Overpriced Overhyped Demo
PlayStation 35.00
Overall 5.00
Like many people who played Limbo I was drawn to it due to its' unique somber black and white art style.  Black and white games are nothing new, but the smokey/fuzzy look combined with a minimalistic soundtrack give the game a macabre feel that's unlike anything I've played before. Unfortunately once the mood wears on you, and it likely will, you're left feeling depressed due to the subject matter, short length, and ultimately flawed style of gameplay.

Aside from the visuals, the game's most unique feature is its' style of gameplay. At its' core it's a puzzle game.  You have an obstacle blocking your progress, and it's up to you to change your environment by moving objects, flipping switches, and carefully timing your moves. What makes it unique though is that you don't really observe and figure out the puzzles. You die. You die over and over again, learning from you mistakes in order to solve the puzzles.  

Because of this you feel like you're enduring the puzzles rather than solving them. Analysis and observation rarely solve the puzzle on their own until you plunge in, make a mistake, and die. It's through this method that the game manages to inflate it's gameplay length.

At this point the game's short length shouldn't be news to anyone. Most reviewers have clocked it in at around 3 hours. The problem with that is the first play-thru (without a FAQ) may take 3 hours, but that's greatly extended due to repeatedly dying. There's only about 45 minutes of actual gameplay in here.

So what you're left with is a short game where you die lot with a great art style. As for that art style, even that may not hold you for too long. The first third of the game uses it very effectively with a forrest setting that is almost at times remiscent of Lord of the Flies. Without question this was the best part of the game. However as you progress the world of Limbo changes it eventually becomes a world of tunnels over and broken machines and tunnels and broken machines and tunnels and broken machines.... it gets repetitive. Sadly it's not even repetitive with its' most original settings.

At the end of the day or rather at the end of 3 hours since the game didn't take me a day to play, I can't recommend this game to anyone. Limbo feels like it would have been a great level within a full-length game, but on its own it feels like a demo at best. $15 on PSN or XBLA can find you a whole more game and lot more fun.
Posted by robio Sun, 24 Jul 2011 04:51:31
Mon, 25 Jul 2011 10:08:37
I was hoping to be pleasantly surprised.

So will the game critics love of anything artsy ever die?  I mean, at some point will they turn on the art over gameplay fetish?

Where were these people when Odin Sphere, Grim Grimoire and Muramasa came out?
Mon, 25 Jul 2011 12:05:21
It makes me wonder that even as short as it was, if many reviewers finished it. The beginning really is fantastic and it sets the game up to be something special. After a while though the puzzles all tend to be of the "move the box and flip the switches" variety. But if you play that first 30 to 60 minutes and you might be content it saying that the game is great.
Thu, 28 Jul 2011 04:20:51
I am so glad I didn't buy it.
Thu, 28 Jul 2011 15:25:11
I mostly disagree with your review.  While I was also disappointed as it wasn't all I expected, I felt there was enough good in the game to have been worth my time.  I didn't regret buying it and I enjoyed playing it.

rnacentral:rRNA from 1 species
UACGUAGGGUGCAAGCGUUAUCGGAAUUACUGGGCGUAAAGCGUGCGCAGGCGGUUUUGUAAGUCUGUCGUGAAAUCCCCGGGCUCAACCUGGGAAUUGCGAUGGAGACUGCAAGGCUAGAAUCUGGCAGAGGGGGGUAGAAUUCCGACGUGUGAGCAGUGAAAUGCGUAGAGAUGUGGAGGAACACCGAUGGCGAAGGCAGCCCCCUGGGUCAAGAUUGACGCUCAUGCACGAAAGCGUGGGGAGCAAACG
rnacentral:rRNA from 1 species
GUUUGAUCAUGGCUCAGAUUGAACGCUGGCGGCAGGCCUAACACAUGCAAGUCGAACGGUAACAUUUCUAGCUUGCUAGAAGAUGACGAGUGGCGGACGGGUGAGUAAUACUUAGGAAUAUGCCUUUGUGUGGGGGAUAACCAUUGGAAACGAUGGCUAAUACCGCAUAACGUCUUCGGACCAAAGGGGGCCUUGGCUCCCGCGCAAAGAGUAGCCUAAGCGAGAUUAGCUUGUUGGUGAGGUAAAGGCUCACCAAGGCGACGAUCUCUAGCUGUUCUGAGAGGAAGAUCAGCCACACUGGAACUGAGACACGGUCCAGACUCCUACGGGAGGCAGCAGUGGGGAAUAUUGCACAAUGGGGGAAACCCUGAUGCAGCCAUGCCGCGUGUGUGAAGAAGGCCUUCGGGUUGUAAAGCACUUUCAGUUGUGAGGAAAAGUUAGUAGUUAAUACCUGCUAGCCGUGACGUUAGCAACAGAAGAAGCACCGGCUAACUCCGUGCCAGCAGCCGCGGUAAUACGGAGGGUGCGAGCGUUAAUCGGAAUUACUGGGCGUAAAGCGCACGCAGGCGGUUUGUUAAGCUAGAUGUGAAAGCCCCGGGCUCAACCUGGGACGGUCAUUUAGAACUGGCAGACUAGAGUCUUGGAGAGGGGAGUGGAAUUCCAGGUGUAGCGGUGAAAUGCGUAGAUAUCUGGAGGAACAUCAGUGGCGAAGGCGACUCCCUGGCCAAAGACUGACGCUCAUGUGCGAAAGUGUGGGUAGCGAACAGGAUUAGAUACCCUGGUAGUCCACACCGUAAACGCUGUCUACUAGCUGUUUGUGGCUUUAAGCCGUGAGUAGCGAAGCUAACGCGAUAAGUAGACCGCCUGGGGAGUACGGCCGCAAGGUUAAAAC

Thought that apart from the impeccable art direction, most of the puzzles were at least solid and some very good.  There was also great variety in the puzzles.  My gaming time is very scarce so I value variety and quality much more than the artificial lengthening of a game by repetition.
Thu, 28 Jul 2011 15:28:16
It's not $15.  For that price you can buy a disc which apart from Limbo, includes Splosion Man and Trials HD
Thu, 28 Jul 2011 15:38:40
I'm surprised you say that since to me this game is the very definition of articifically lengthened. The core gameplay is built around the concept of it. You analyze the puzzles by jumping into them and dying, learning from the mistake, and then repeating that process until you've passed it. Simple observation isn't enough and you're forced to learn by dying and repating the process. That seems like artificially lengthening to me.
Thu, 28 Jul 2011 15:39:29
It is $15 on PSN. There are no bundles for it.
Thu, 28 Jul 2011 15:50:55
I was referring to this:


Looks like you can buy it for about $17 new from other sellers in the marketplace.

On what you say about the trial and error.  I hear you, but I felt that it was deliberate (you were meant to watch those deaths as part of your experience with the game).  And it didn't really lengthen the game at all since you continued instantly and from the same spot.  Was mostly referring to the crates and switches puzzles towards the final parts of the game.
Thu, 28 Jul 2011 16:01:01
No I know what you're talking about. I've seen it for sale. However as a non-360 owner that option isn't available. It's $15 or nothing for Playstation 3, so that's the only thing I can value it against.

Had it been bundled or available for around $5 I probably would have felt better about the game and reviewed it better, but I've gotten more gameplay out of free demos and had just as good of a time, so it was hard to not feel ripped off by Limbo.
Thu, 28 Jul 2011 16:09:31
Fair enough.  I think I got it when it was half price for a day on XBLA if I remember correctly.
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